Q. How so? What other changes are you looking at as a result of this new handheld world?
A. Well, we know that bus or train commuters are less likely to engage in movies or long form films but short films, shorter TV episodes, games and variety shows created specifically with shortened time slots are being seriously looked at. The moods of commuters are also being taken into account. What will they likely want to watch in a 20-minute commute, as an example, as opposed to at home where they might have more time? Also, advertising will change enormously and will, where possible, be directly targeting to young people aged 12-18 rather than to their parents, as it is now.
Q. Is that a good thing?
A. It expands the market so it is a good thing for advertisers and for media business. Whether it is good for young people is another question. Certainly in this day and age, kids especially that age are used to advertising and as with most things in life, how it affects them depends on how responsibly it is approached.
Q. Neon Pumpkin develops and produces its own originals and co-produces internationally. Which companies do you work with on a regular basis?
A. We have worked with Moonscoop, Cartoon Network Int’l, Nickelodeon and Xilam in France and many more. At present, we are doing service work for Moonscoop in the US, for Lalaloopy flash series and Xilam in France and for the traditional 2D series Dalton 2.
Q. And what about Neon Creation? What’s that about?
A. Neon Creation is a subsidiary of Neon Pumpkin located at the Gwangju City CGI Center. Some of our projects are produced there; others at the parent company Neon Pumpkin.
Q. Pixtrend is a brokerage and distribution company. What is the latest project it is involved in and what stage is that in?
A. Pixtrend helps broker deals, acts as executive producer or associate producer and then distributor. Currently it is involved as a co-producer on Call For ChiChi and as one of the executive producers on Cosi Mosi with Korea’s Toz and France’s Redfrog. It is also an associate producer for the Rolling Rolling Counting series in co-production with Korea’s Flying Pig and China's Crimson Forest.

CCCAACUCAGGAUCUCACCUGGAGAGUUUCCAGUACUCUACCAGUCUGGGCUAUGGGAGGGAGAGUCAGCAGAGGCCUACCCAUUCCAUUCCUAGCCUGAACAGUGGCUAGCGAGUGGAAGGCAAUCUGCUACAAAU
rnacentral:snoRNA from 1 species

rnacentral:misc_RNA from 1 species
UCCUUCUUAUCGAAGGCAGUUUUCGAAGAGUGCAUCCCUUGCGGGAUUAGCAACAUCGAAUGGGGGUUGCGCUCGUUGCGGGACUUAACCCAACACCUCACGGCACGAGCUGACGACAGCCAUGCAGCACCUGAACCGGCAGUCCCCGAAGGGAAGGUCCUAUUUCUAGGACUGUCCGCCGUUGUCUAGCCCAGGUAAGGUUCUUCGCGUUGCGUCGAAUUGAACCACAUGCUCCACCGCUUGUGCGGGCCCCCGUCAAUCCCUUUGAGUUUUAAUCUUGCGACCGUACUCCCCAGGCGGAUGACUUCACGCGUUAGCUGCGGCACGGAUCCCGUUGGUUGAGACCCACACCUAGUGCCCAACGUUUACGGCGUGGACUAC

Q. You work closely with your sister as well. She heads up Neon Pumpkin, but you are the EVP of Neon Pumpkin, and the president of Pixtrend. How does that work?
A. My sister Megan Ok-rye Han runs Neon Pumpkin as president and senior director and has since she began in the industry more than 20 years ago. She concentrates on artistic direction, hiring and communicating with crew, and overall quality control while I focus on the business side and marketing at Neon Pumpkin and Neon Creation.
Q. Co-production has helped you move onto the international stage. What co-productions are you working on now?
A. Well, aside from the Call For ChiChi project we mentioned earlier, we’ve also been in co-production talks on 2 Eyes Monster with French and Australian partners but nothing has been sealed as yet.
Q. What is the biggest problem in the global media industry today and how can it be fixed, in your opinion?
A. We still think too much about traditional TV as the main means of delivery. Of course it is still very important but we need to develop other content that will eventually translate to shorter episode formats for bus and train commuters with smart gadgets.
Q. But there are also problems closer to home, for you?
A. Yes, the elephant in the room, as it were, is finding a way to level the cost playing field with India and China. Even though we can produce excellent quality 3D CGI, their ultra-low prices are tough to match and impede our efforts to attract more overseas productions.
Captions: top left, Linking up with Team Zelza. (from left) Zelza Zero's Koko Offiong, Neon's Sara Han-Williams, Dello & Associates Windel Osime, Zelza Zero's Aline Osime and Marty Halfon.
Captions: Middle right: Call For ChiChil branded toys
Captions: Talking up 3D live action with POW: POW Entertainment's Gill Champion, Neon's Sara Han-Williams, Spiderman, Matty Rich Entertainment's Matty Rich, Pow's Bick Le and Neonworks Film US's Tal Vigderson.
Captions; Bottom: In talks with Austalia and the French for Neon Pumpkin's 2 Eyes Monster